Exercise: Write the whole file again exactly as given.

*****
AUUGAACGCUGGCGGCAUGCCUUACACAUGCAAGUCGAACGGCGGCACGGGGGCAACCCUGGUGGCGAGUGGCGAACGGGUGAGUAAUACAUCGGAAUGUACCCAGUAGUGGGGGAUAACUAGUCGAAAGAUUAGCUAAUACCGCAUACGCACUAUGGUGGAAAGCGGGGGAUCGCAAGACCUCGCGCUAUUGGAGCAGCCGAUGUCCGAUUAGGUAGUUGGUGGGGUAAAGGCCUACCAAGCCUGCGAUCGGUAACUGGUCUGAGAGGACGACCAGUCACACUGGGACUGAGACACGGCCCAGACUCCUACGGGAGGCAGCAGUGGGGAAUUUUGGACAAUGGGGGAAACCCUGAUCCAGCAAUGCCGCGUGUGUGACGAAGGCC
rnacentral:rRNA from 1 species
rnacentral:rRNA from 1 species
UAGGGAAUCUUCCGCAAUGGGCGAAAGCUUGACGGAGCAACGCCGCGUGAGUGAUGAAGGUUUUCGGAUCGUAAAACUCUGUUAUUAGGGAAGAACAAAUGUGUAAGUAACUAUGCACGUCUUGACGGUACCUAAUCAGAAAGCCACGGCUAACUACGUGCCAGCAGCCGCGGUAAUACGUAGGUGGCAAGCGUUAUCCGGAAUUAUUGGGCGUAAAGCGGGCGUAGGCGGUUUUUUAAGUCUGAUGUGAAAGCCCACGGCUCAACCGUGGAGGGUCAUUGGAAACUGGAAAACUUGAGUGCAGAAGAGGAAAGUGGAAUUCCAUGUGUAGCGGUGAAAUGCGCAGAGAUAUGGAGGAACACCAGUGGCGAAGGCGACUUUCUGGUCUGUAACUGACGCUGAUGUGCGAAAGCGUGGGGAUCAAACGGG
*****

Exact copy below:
AUUGAACGCUGGCGGCAUGCCUUACACAUGCAAGUCGAACGGCGGCACGGGGGCAACCCUGGUGGCGAGUGGCGAACGGGUGAGUAAUACAUCGGAAUGUACCCAGUAGUGGGGGAUAACUAGUCGAAAGAUUAGCUAAUACCGCAUACGCACUAUGGUGGAAAGCGGGGGAUCGCAAGACCUCGCGCUAUUGGAGCAGCCGAUGUCCGAUUAGGUAGUUGGUGGGGUAAAGGCCUACCAAGCCUGCGAUCGGUAACUGGUCUGAGAGGACGACCAGUCACACUGGGACUGAGACACGGCCCAGACUCCUACGGGAGGCAGCAGUGGGGAAUUUUGGACAAUGGGGGAAACCCUGAUCCAGCAAUGCCGCGUGUGUGACGAAGGCC
rnacentral:rRNA from 1 species
rnacentral:rRNA from 1 species
UAGGGAAUCUUCCGCAAUGGGCGAAAGCUUGACGGAGCAACGCCGCGUGAGUGAUGAAGGUUUUCGGAUCGUAAAACUCUGUUAUUAGGGAAGAACAAAUGUGUAAGUAACUAUGCACGUCUUGACGGUACCUAAUCAGAAAGCCACGGCUAACUACGUGCCAGCAGCCGCGGUAAUACGUAGGUGGCAAGCGUUAUCCGGAAUUAUUGGGCGUAAAGCGGGCGUAGGCGGUUUUUUAAGUCUGAUGUGAAAGCCCACGGCUCAACCGUGGAGGGUCAUUGGAAACUGGAAAACUUGAGUGCAGAAGAGGAAAGUGGAAUUCCAUGUGUAGCGGUGAAAUGCGCAGAGAUAUGGAGGAACACCAGUGGCGAAGGCGACUUUCUGGUCUGUAACUGACGCUGAUGUGCGAAAGCGUGGGGAUCAAACGGG